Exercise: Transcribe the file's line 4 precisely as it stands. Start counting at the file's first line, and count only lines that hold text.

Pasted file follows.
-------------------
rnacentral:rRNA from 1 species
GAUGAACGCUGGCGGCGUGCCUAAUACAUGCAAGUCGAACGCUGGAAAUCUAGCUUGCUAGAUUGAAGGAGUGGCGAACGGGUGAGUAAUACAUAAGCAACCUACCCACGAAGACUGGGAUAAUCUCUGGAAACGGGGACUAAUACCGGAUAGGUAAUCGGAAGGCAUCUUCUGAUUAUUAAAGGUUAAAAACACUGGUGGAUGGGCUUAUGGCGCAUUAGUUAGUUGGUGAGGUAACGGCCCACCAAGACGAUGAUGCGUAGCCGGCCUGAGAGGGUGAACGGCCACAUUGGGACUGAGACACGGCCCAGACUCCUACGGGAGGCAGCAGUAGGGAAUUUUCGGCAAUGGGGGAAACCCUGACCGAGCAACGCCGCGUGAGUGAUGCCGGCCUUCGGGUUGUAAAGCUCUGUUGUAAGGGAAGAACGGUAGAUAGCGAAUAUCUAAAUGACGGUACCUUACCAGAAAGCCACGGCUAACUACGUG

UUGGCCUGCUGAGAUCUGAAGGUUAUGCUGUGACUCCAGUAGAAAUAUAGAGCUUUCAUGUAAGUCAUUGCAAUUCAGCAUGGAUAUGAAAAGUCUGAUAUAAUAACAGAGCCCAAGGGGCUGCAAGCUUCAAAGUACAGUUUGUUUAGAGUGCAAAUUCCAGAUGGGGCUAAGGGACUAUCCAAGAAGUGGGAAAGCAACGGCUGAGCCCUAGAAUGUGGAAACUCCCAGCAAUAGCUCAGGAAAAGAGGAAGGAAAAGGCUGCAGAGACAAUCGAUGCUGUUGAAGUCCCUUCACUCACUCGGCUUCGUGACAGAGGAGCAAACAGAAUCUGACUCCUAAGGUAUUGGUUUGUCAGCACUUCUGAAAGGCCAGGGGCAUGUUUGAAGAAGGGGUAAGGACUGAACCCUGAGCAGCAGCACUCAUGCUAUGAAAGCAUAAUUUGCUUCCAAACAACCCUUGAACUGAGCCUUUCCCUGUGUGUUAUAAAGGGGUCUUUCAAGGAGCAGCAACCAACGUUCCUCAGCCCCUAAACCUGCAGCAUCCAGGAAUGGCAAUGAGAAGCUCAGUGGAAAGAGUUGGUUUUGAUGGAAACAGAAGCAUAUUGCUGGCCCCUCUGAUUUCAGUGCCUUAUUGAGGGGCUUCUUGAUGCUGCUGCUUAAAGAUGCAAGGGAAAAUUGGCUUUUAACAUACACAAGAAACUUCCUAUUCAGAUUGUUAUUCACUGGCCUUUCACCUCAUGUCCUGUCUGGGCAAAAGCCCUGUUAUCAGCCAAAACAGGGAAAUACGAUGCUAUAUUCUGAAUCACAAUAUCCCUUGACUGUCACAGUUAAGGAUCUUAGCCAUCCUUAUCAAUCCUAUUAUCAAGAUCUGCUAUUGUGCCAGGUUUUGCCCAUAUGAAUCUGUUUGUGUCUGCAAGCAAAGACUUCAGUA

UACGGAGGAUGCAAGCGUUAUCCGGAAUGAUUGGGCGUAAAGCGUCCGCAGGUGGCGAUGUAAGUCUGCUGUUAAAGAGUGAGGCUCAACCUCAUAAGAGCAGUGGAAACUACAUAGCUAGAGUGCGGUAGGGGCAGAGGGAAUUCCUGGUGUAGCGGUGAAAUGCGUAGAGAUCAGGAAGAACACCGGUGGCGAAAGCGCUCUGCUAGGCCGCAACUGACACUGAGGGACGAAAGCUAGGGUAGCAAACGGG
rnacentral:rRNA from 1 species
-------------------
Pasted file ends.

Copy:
UACGGAGGAUGCAAGCGUUAUCCGGAAUGAUUGGGCGUAAAGCGUCCGCAGGUGGCGAUGUAAGUCUGCUGUUAAAGAGUGAGGCUCAACCUCAUAAGAGCAGUGGAAACUACAUAGCUAGAGUGCGGUAGGGGCAGAGGGAAUUCCUGGUGUAGCGGUGAAAUGCGUAGAGAUCAGGAAGAACACCGGUGGCGAAAGCGCUCUGCUAGGCCGCAACUGACACUGAGGGACGAAAGCUAGGGUAGCAAACGGG